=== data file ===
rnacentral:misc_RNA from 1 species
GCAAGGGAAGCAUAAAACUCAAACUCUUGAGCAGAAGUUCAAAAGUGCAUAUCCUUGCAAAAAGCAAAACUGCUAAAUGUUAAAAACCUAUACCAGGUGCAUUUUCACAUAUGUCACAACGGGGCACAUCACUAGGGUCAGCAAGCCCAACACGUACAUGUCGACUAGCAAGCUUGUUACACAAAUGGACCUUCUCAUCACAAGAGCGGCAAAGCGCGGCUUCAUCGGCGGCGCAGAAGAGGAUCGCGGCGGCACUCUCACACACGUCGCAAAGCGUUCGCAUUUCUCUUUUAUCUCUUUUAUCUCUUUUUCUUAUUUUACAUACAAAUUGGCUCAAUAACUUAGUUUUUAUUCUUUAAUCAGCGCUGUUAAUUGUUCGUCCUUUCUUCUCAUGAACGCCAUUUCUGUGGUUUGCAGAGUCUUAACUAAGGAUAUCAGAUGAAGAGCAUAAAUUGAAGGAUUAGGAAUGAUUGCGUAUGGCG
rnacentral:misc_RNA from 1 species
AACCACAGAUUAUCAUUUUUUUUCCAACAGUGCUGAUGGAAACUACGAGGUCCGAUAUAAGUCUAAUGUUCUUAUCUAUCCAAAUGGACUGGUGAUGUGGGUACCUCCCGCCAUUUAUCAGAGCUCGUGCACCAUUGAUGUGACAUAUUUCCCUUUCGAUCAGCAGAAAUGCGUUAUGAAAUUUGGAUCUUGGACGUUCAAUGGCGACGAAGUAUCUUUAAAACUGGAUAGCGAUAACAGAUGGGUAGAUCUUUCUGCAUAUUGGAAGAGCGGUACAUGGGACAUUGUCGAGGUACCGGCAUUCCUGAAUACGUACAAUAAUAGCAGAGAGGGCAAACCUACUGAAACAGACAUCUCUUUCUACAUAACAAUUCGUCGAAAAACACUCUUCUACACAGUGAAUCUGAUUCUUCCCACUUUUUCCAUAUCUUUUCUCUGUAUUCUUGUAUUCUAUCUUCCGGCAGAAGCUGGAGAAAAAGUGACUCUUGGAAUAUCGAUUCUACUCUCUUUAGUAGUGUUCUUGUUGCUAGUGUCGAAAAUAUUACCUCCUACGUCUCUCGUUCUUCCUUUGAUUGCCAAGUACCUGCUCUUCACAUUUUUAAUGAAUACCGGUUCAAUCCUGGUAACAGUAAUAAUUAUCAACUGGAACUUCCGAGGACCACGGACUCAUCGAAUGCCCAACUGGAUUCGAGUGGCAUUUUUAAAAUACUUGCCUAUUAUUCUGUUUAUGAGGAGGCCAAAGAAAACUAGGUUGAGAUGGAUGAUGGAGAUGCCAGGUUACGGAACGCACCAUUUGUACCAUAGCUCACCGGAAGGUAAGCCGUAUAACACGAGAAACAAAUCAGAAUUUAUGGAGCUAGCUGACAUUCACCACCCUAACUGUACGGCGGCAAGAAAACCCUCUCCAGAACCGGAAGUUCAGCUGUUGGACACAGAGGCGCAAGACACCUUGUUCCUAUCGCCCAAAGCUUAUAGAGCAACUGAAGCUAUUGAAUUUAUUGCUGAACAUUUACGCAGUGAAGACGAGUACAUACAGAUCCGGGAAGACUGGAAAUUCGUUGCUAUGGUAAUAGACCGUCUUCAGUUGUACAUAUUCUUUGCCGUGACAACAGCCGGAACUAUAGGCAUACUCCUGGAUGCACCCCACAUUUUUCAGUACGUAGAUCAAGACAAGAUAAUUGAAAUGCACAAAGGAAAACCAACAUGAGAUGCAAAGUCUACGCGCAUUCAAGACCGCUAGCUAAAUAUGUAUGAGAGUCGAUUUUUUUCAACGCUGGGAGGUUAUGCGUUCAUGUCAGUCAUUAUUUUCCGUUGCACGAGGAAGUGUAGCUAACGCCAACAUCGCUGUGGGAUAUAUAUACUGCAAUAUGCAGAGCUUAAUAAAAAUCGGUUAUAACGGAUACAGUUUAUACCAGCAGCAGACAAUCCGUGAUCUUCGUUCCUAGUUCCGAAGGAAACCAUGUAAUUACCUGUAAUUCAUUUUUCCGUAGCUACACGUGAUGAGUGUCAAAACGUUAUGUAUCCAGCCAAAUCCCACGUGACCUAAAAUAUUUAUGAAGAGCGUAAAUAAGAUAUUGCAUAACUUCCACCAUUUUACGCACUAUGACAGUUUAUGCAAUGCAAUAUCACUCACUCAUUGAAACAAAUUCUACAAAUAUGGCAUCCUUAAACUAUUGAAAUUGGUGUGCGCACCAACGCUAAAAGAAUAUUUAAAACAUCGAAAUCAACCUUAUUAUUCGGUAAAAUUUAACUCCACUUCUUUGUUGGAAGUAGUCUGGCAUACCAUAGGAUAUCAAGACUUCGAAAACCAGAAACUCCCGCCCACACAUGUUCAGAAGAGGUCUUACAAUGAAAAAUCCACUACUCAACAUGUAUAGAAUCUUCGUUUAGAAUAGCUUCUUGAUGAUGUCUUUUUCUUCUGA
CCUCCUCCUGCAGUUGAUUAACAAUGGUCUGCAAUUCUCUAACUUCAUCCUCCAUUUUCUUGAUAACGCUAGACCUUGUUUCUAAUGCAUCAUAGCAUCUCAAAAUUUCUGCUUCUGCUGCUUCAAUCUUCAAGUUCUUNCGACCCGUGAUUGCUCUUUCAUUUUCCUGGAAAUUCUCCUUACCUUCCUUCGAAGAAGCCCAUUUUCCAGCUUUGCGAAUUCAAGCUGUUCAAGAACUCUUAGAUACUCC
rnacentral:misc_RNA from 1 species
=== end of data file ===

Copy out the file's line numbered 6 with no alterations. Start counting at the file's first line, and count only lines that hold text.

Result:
rnacentral:misc_RNA from 1 species